How to write your best CV

How to write your best CV

Whether you’re applying for a part-time job, or looking for your first graduate scheme, a good CV is crucial to getting employed. Your CV can be tricky to write, as most people aren’t used to bragging about themselves professionally, so, here are some tips to guide you on writing your best CV yet.

Keep it up to date

Make sure you have all your up-to-date qualifications and job history listed on your CV. Don’t forget, the recruiters aren’t mind readers! They won’t know how qualified or great you are unless you tell them.

Limit yourself

Always keep your CV to 1-2 pages maximum. Some jobs may specify length in their application process, so do keep an eye out for this too.

Divide into clear sections

Splitting your CV into sections makes it easier to write and easier to read by potential employers, so it’s a win-win! Most CV’s should have these sections: Qualifications, Work Experience, Job History, Voluntary Roles, Skills and References. Of course, it is up to you what you want to highlight about yourself but make sure you include the essentials.

Keep it relevant for the job you’re applying for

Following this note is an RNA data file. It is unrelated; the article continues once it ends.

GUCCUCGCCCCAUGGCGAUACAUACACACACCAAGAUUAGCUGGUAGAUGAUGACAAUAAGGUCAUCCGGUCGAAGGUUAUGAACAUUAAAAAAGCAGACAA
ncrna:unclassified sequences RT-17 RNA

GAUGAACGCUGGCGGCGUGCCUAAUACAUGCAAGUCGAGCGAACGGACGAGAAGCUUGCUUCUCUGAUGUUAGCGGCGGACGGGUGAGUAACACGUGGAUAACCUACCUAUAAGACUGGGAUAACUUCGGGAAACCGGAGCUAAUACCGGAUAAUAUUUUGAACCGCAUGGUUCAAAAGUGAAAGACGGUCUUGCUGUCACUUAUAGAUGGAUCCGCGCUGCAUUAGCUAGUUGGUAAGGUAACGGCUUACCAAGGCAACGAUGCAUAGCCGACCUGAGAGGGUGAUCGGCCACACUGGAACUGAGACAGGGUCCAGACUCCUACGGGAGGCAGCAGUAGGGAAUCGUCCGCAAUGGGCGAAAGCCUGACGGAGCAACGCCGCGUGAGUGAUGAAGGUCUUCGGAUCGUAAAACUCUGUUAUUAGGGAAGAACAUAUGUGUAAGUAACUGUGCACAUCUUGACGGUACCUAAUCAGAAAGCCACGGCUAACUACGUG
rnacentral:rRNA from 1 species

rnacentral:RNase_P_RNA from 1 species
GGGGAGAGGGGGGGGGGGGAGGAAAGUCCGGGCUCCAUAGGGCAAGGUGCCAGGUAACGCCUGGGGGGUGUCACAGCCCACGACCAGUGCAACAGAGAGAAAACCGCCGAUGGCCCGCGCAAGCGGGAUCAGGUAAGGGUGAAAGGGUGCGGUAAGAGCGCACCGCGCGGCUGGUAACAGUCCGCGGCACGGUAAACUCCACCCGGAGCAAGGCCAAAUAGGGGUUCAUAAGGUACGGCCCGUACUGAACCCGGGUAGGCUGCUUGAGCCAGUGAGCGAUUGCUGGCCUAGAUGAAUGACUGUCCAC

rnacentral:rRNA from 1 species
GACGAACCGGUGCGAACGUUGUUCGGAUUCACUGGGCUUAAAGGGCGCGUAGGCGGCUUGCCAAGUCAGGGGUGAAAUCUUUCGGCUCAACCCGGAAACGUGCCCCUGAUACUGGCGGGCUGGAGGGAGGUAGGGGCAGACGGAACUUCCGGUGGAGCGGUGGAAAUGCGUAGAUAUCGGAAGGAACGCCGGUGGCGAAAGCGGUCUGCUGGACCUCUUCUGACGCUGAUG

You may have spent a summer working at a supermarket 5 years ago, but is that really relevant to your graduate scheme application? Focus on the skills your employers are looking for and aim to cover all of them in your previous experience. For example, work in retail gives you excellent customer service skills, verbal communication skills, experience working as part of a team, working towards sales targets and experience handling money.

Check grammar, spelling and punctuation

Your CV can often be a first impression of you to your potential future employers, so you want to make it a good one!  It may sound obvious, but do check you have spelled everything correctly, haven’t repeated yourself or used incorrect punctuation.

There you go! Go make your CV gleam with all of your achievements and don’t forget to be as positive as possible about all of your previous experiences; instead of saying your Duke of Edinburgh award was ‘miserable’, describe it as ‘challenging’. Best of luck!